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I know I can get the time take to evaluate a function can be printed out on the screen/stdout using the time function/macro.

The time macro returns the value of the evaluated function, which makes it great to use it inline. However I want to automatically measure the runtime under specific circumstances.

Is there a function which returns the elapsed time in some library to help with this benchmarking?

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2 Answers 2

up vote 20 down vote accepted

You might want to look into Hugo Duncan's benchmarking library for Clojure -- Criterium.

From the README:

Criterium measures the computation time of an expression. It is designed to address some of the pitfalls of benchmarking, and benchmarking on the JVM in particular.

This includes:

  • statistical processing of multiple evaluations
  • inclusion of a warm-up period, designed to allow the JIT compiler to optimise its code
  • purging of gc before testing, to isolate timings from GC state prior to testing
  • a final forced GC after testing to estimate impact of cleanup on the timing results
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If it's just a matter of wanting to capture the string programmatically, you can bind *out* to something else before using time.

user=> (def x (with-out-str (time (+ 2 2))))
#'user/x
user=> x
"\"Elapsed time: 0.119 msecs\"\n"

If you want more control over the format, then you can create your own version of time using Java's System time methods, which is what the time macro uses under the hood anyway:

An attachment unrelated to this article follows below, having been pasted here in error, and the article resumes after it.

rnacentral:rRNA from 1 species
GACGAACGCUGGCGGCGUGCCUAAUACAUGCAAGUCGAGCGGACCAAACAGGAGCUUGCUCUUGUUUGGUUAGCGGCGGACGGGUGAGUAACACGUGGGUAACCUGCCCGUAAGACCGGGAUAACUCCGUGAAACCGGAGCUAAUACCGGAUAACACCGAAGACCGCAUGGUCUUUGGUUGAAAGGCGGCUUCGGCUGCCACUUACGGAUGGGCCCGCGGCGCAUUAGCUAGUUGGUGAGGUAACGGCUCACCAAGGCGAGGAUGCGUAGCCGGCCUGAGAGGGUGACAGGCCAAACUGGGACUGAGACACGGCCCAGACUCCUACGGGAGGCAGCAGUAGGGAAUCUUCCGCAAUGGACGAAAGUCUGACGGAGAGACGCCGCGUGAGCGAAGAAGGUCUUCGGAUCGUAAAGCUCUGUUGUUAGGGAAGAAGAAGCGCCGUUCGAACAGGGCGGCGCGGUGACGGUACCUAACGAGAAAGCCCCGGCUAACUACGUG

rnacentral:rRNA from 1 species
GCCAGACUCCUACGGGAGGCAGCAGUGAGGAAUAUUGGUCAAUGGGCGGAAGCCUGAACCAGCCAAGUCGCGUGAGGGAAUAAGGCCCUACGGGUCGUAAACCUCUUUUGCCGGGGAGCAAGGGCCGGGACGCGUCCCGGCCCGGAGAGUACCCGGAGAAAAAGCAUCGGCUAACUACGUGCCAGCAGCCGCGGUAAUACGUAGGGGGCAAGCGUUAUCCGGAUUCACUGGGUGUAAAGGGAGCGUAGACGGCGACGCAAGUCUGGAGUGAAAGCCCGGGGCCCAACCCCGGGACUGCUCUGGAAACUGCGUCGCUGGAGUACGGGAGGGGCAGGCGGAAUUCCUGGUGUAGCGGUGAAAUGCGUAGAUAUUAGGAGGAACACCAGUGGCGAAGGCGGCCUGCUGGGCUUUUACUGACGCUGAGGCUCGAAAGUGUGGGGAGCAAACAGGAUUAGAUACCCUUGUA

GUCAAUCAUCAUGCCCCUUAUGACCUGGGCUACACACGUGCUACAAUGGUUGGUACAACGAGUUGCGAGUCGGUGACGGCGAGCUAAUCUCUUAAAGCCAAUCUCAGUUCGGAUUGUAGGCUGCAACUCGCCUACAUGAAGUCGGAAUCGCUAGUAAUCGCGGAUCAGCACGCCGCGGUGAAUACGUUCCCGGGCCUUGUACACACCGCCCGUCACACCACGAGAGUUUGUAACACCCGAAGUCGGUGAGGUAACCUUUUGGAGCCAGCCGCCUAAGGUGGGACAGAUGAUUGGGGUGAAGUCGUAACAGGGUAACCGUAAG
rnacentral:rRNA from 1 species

user => (macroexpand '(time (+ 2 2)))
(let* [start__4197__auto__ (. java.lang.System (clojure.core/nanoTime))  
       ret__4198__auto__ (+ 2 2)] 
     (clojure.core/prn (clojure.core/str "Elapsed time: " (clojure.core//     
          (clojure.core/double 
               (clojure.core/- (. java.lang.System (clojure.core/nanoTime)) 
                                start__4197__auto__)) 1000000.0) " msecs"))
 ret__4198__auto__)

Take that basic structure and replace the call to prn with whatever reporting mechanism you would prefer.

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4  
+1 for using macroexpand to dig under the hood! –  mikera Jun 15 '10 at 0:57
    
Thanks, I was looking at this to start from too. The criterium library fits really the bill. But unless you know the Haskell library you're not going to stumble over it by accident using google. –  Peter Tillemans Jun 15 '10 at 5:58
1  
@PeterTillemans Well, now we are, given that it's mentioned in StackOverflow. :-) –  Tim Clemons Dec 5 '13 at 18:57

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